Sexual surrogate

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A sexual surrogate may be a Certified Sex Therapist who is a member of a sex therapy team who engages in education and sometimes intimate physical relations or sex with a patient to achieve a therapeutic goal. The practice was formally introduced by Masters and Johnson with their work on Human Sexual Inadequacy in 1970. They may also work independently of diagnosis and treatment plans based in traditional medicine, for example providing services to the disabled or to couples whose sexuality is a source of distress.

Most surrogates are women, a few are men[1], and there are married couples that practice surrogacy together. Some surrogates work at counseling centers while others have their own office. Some surrogates offer additional services besides surrogacy such as telephone counseling or sexological bodywork.

Many surrogates have professional certification in the fields of sex education, somatic psychology, sexology, psychology, or counseling. This allows them to work in an interdisciplinary mode including psychiatrists, psychologists, sexologists and other therapists in the best interests of the person or relationship. Sex surrogates use a combination of techniques, for example, listening, psychoeducation, practical guidance and hands on demonstration – to help a person or a relationship resolve their own issues with human sexuality.

Contents

Typical problems

Patients frequently present with these specific problems:

  1. Trouble with intimacy
  2. Lack of confidence
  3. Communication problems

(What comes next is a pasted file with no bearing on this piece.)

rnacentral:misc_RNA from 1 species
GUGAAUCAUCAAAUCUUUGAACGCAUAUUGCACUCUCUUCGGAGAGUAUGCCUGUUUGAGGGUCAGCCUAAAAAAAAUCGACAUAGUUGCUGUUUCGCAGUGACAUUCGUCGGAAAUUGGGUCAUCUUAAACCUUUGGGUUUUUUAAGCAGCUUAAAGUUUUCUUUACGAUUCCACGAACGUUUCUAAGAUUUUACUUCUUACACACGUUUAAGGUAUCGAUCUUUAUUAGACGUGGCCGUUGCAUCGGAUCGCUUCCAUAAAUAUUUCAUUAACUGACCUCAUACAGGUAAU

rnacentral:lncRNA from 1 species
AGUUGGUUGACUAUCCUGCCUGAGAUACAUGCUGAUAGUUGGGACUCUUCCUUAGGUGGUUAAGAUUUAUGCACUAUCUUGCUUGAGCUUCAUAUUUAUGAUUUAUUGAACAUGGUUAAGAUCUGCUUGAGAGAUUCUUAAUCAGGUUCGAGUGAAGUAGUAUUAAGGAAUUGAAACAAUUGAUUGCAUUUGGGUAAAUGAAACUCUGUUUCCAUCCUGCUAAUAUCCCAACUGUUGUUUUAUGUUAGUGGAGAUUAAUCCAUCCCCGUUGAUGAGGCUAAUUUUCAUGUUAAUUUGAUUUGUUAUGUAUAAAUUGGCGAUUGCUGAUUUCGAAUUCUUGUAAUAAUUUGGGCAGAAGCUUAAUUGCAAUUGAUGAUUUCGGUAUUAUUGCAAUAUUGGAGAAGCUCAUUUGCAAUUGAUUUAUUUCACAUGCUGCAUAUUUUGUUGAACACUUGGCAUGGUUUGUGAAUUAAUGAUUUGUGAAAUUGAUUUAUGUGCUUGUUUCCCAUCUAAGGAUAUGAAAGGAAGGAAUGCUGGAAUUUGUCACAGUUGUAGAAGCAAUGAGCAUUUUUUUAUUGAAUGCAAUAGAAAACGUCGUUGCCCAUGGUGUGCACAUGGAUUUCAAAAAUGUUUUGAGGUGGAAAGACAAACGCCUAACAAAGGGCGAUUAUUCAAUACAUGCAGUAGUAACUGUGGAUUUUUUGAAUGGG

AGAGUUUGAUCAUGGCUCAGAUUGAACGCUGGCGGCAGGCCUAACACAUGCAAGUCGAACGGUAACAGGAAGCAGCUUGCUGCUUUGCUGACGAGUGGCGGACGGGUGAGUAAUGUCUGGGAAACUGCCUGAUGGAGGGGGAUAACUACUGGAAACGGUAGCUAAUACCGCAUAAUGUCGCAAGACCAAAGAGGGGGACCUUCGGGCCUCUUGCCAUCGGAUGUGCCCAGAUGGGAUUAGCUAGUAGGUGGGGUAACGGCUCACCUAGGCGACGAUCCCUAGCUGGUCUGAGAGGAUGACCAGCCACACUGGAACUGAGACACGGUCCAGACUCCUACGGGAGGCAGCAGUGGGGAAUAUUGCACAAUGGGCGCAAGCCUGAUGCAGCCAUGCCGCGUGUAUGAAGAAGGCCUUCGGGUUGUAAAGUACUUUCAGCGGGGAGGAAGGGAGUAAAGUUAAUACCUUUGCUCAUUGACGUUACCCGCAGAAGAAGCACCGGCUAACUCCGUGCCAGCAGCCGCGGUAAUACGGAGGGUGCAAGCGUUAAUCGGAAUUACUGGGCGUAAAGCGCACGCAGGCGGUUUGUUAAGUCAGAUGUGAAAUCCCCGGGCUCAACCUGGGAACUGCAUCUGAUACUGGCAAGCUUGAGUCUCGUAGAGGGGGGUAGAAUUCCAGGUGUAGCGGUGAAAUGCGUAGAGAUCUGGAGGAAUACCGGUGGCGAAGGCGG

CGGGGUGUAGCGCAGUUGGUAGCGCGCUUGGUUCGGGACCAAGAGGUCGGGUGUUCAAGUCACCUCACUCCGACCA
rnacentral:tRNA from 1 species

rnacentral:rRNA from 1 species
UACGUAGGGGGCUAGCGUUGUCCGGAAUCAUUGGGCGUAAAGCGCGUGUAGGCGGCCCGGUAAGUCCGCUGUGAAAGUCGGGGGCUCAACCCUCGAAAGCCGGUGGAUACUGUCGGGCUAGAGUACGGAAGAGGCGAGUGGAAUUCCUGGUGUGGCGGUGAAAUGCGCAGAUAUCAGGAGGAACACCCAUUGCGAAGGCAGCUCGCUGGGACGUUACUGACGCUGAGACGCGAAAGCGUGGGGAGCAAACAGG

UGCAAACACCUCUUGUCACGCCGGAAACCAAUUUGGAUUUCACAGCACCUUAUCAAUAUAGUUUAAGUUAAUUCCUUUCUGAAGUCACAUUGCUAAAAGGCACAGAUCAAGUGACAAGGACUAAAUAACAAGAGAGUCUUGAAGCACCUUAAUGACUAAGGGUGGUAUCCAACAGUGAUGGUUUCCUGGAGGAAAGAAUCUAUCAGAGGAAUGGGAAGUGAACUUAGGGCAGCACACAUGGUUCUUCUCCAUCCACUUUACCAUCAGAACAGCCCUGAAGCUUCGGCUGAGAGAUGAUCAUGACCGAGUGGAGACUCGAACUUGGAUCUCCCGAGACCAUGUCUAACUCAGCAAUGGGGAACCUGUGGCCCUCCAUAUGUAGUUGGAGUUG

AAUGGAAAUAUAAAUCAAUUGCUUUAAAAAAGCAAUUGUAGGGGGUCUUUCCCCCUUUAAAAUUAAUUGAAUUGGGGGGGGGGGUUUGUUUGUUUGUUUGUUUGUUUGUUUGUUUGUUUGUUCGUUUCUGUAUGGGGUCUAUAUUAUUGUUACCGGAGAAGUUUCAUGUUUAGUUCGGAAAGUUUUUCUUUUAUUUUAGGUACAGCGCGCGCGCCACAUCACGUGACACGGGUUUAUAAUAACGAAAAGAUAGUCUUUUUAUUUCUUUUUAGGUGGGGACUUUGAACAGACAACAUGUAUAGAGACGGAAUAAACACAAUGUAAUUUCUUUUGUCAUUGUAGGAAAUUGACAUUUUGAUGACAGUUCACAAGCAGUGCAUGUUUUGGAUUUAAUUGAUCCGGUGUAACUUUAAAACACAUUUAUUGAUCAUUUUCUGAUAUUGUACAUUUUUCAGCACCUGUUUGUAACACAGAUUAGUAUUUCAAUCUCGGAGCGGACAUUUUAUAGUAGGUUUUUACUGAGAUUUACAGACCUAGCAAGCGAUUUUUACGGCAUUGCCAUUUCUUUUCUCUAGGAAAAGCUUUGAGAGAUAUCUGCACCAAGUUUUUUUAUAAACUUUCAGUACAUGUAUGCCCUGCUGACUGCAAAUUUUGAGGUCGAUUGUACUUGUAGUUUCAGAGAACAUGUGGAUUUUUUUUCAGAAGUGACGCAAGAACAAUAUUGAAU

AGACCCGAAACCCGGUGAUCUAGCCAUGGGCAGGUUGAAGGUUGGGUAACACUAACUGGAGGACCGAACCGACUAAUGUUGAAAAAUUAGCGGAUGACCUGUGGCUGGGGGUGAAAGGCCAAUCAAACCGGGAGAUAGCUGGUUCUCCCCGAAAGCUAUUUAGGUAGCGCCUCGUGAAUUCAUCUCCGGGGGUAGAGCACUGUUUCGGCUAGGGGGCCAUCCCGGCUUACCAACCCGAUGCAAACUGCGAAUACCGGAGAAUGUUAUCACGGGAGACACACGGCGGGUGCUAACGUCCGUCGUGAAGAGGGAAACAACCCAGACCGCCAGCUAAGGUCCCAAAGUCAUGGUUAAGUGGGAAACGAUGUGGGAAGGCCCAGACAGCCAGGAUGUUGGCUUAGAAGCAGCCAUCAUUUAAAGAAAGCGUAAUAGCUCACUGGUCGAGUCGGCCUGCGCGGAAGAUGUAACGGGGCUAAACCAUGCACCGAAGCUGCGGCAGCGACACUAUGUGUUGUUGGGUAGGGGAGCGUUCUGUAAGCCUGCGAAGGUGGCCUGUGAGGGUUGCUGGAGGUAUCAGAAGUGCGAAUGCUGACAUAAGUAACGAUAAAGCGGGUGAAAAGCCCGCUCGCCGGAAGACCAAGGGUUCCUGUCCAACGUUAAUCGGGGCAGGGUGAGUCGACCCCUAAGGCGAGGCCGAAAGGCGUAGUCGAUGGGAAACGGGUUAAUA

4. Dating anxiety
  5. Sexual inhibitions
  6. Erectile dysfunction
  7. Premature ejaculation
  8. Diseases that cause painful intercourse
  9. Love-shyness

There are people who have experienced a change in sexual lifestyle due to an acquired disability (accident, paralysis, disease, trauma), and a surrogate can help them explore and develop sexual potential. The causes of sexual dysfunction are numerous and the methods a surrogate might use to help improve sexual function are varied.

Therapy

Since many sexual problems are psychological rather than physical, communication plays a key role in the therapeutic process between a patient and the sex surrogate, as well as between the surrogate and the therapist.[citation needed]

Surrogates offer therapeutic exercises to help the patient. These may include relaxation techniques, intimate communication, teaching social skills, and some sexual touching. Sex surrogate and tantra sex educator Mare Simone says that physical intimacy is a rare occurrence between her and her patients, and she will not engage in intercourse with those in committed relationships.[2]

Documentaries

The 1985 documentary Private Practices: The Story of a Sex Surrogate explored the relationship between a sex surrogate, her clients, and her clients' therapists.

The National Geographic show Taboos episode "Forbidden Love" featured a professional sex surrogate in one of its segments.[3]

In popular culture

The TV show Boston Legal featured a sex surrogate named Joanna Monroe (played by Jane Lynch) as a recurring character. The show explored her professional relationship with two of the main cast, their sexual problems, and how a surrogate can approach treatment. The show further drew attention to the legal and personal problems that can face those who offer sex surrogacy services.[episode needed]

The movie The Sessions (2012) stars Helen Hunt as Cheryl, a sexual surrogate that helps polio victim Mark (John Hawkes) lose his virginity at the age of 38.

References

  1. ^ Cite error: Invalid <ref> tag; no text was provided for refs named Jerry_de_Haan; see the help page.
  2. ^ Burford, M (September 2009). "Sexual Healer". AOL Health. http://www.aolhealth.com/healthy-living/relationships/sex-surrogate. Retrieved September 2009.
  3. ^ "Taboo: Forbidden Love". https://www.facebook.com/video/video.php?v=835094676435.

'Reaching intimacy: A male sex surrogate's perspective' Jerry De Haane

Further reading

External links